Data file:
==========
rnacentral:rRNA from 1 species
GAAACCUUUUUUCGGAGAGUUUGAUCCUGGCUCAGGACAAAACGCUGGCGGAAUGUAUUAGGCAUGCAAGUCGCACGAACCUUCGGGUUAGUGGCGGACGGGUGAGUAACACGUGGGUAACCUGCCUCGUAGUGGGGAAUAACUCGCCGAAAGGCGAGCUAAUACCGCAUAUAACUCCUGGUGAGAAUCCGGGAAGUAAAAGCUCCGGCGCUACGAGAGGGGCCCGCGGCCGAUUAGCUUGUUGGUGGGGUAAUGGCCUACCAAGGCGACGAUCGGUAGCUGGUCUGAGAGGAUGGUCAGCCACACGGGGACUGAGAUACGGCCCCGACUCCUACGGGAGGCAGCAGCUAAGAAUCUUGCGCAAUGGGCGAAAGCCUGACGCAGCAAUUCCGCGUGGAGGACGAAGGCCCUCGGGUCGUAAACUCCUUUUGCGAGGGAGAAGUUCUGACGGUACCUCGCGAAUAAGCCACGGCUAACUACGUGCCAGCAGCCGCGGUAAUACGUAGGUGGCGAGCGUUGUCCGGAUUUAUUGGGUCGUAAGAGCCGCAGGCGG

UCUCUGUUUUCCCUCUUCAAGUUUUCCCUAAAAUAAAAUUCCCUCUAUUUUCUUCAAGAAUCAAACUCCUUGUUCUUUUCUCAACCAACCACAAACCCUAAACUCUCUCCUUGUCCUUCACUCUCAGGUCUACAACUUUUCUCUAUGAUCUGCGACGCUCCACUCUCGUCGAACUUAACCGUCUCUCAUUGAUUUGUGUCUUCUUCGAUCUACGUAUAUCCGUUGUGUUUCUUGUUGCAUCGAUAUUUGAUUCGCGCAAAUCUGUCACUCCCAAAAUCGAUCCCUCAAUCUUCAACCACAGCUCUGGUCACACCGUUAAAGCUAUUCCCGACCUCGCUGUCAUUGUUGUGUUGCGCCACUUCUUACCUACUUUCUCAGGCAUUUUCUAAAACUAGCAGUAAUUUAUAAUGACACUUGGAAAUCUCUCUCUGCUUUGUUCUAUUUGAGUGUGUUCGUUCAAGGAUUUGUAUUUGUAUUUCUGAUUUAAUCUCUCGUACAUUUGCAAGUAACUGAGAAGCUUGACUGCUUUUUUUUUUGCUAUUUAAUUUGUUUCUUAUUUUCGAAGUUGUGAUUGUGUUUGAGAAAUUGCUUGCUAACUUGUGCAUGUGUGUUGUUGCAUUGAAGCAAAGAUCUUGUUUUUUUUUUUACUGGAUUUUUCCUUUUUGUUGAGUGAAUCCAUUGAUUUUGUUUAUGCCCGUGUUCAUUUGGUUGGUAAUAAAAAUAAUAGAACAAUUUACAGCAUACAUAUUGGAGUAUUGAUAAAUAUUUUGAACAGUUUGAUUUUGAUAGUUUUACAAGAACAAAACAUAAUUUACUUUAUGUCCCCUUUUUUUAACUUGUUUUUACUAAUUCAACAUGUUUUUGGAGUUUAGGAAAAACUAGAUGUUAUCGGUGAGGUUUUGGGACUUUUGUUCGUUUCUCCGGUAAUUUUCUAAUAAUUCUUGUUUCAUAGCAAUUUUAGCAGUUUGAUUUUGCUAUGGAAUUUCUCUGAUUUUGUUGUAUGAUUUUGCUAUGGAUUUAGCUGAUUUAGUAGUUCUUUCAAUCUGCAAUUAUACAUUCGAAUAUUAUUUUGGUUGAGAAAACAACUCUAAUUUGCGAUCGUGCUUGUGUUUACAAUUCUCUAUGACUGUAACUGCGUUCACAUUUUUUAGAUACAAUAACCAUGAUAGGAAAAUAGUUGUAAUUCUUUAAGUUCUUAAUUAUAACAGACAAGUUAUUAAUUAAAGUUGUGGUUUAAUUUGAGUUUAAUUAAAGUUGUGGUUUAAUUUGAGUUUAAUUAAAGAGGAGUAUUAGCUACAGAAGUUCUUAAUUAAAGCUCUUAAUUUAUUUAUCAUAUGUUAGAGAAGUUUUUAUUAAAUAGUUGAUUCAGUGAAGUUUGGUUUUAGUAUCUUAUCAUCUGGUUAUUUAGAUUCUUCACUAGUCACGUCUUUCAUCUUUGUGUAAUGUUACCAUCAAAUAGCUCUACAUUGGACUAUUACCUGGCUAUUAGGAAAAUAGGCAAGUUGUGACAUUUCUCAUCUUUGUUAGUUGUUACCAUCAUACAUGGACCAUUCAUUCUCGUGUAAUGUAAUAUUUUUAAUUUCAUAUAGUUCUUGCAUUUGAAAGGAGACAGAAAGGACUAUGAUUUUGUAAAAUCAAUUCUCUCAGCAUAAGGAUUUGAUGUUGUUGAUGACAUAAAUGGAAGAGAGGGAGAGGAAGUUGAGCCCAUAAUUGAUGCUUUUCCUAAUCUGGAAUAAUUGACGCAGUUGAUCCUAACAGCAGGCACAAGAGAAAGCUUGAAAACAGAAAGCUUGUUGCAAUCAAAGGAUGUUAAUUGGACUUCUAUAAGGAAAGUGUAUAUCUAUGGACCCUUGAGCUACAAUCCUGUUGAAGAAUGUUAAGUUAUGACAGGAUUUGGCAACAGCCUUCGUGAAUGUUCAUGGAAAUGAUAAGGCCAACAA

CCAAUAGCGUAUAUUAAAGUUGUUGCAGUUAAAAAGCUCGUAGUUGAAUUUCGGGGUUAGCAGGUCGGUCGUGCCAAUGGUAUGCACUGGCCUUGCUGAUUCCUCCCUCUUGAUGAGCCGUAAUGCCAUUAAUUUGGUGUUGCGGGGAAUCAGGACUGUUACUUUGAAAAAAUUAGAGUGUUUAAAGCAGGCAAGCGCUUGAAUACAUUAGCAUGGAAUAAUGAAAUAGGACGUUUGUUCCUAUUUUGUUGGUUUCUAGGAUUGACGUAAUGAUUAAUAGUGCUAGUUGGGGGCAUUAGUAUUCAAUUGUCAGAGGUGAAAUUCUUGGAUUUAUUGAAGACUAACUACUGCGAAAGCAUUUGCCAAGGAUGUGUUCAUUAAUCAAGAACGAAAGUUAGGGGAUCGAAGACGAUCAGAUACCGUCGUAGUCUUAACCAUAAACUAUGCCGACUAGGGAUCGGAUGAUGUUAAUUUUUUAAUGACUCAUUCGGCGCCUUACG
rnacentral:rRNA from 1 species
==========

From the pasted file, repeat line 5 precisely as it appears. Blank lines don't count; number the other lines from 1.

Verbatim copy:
rnacentral:rRNA from 1 species